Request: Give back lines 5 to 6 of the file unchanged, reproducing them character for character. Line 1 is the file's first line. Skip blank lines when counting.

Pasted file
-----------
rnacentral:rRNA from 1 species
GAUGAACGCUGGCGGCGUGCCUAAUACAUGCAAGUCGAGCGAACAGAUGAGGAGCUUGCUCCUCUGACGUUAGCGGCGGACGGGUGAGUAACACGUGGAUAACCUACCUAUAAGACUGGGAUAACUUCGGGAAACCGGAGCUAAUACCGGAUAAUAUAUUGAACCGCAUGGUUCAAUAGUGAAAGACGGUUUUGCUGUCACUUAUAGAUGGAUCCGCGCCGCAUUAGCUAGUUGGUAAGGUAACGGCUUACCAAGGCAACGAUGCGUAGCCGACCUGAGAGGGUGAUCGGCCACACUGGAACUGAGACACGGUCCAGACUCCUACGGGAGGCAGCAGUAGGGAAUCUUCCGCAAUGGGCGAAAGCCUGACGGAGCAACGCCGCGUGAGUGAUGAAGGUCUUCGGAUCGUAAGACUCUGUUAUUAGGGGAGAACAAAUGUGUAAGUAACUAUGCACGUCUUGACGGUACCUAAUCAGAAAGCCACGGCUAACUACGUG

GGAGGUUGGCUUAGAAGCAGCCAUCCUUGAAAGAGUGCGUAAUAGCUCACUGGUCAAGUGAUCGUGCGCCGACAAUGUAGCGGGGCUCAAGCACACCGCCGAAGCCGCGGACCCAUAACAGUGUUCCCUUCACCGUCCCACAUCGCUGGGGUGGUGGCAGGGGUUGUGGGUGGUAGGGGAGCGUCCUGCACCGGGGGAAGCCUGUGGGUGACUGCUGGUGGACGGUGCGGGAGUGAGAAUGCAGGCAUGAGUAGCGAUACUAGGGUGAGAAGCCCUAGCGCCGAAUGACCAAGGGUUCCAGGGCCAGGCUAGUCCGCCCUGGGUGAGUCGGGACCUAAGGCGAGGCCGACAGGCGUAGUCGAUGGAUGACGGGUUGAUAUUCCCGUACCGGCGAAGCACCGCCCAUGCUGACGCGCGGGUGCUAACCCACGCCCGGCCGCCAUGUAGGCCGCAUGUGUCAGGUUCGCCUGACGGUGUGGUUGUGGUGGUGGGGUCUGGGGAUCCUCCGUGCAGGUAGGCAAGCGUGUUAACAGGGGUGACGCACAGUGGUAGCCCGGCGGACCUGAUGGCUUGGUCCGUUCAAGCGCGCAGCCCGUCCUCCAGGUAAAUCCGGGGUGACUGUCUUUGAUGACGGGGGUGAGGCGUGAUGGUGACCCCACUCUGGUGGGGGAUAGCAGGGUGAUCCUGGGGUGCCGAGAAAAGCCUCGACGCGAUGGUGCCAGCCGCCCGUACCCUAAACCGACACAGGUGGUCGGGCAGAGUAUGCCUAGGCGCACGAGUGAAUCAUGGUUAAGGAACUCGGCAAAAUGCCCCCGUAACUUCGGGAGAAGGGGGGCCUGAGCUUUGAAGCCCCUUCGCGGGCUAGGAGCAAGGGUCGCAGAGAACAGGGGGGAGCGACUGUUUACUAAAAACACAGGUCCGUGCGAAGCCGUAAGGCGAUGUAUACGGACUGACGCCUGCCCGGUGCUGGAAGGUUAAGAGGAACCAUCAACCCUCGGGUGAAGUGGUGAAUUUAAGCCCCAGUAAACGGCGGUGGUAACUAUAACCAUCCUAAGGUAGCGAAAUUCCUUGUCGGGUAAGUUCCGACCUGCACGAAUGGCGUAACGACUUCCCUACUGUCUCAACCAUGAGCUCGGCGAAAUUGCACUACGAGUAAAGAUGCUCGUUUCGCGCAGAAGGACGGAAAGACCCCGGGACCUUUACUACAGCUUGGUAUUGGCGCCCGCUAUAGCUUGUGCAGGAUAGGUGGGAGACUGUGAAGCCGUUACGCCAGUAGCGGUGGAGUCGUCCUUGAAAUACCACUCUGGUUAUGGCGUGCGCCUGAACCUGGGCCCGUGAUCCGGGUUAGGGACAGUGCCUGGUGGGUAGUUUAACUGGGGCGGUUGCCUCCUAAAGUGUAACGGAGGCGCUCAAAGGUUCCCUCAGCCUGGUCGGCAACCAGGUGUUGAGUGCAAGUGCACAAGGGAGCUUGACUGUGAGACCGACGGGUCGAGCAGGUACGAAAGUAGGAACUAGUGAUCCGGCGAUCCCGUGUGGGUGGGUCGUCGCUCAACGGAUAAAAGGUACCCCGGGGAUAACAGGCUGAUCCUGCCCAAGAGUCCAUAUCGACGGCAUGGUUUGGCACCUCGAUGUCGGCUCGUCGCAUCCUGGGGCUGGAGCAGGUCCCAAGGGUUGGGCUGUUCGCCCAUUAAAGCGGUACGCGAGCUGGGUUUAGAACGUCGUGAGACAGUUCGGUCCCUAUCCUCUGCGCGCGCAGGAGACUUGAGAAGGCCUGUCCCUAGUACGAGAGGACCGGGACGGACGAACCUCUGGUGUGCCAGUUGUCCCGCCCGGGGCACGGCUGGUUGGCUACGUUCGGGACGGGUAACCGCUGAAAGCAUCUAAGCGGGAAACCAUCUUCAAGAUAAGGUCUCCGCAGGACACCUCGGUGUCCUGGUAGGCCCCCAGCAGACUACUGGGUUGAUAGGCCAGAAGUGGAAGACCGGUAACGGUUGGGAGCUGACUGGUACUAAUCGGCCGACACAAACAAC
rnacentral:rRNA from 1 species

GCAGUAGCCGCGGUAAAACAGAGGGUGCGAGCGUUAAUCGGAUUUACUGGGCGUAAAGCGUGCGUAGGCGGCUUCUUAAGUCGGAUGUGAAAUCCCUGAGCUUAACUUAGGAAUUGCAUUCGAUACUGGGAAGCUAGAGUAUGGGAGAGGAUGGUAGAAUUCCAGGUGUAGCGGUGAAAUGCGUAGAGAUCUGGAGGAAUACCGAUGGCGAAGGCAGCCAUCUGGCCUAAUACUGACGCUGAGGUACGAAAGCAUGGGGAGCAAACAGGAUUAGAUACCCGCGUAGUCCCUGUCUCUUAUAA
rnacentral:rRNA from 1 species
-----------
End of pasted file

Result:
GCAGUAGCCGCGGUAAAACAGAGGGUGCGAGCGUUAAUCGGAUUUACUGGGCGUAAAGCGUGCGUAGGCGGCUUCUUAAGUCGGAUGUGAAAUCCCUGAGCUUAACUUAGGAAUUGCAUUCGAUACUGGGAAGCUAGAGUAUGGGAGAGGAUGGUAGAAUUCCAGGUGUAGCGGUGAAAUGCGUAGAGAUCUGGAGGAAUACCGAUGGCGAAGGCAGCCAUCUGGCCUAAUACUGACGCUGAGGUACGAAAGCAUGGGGAGCAAACAGGAUUAGAUACCCGCGUAGUCCCUGUCUCUUAUAA
rnacentral:rRNA from 1 species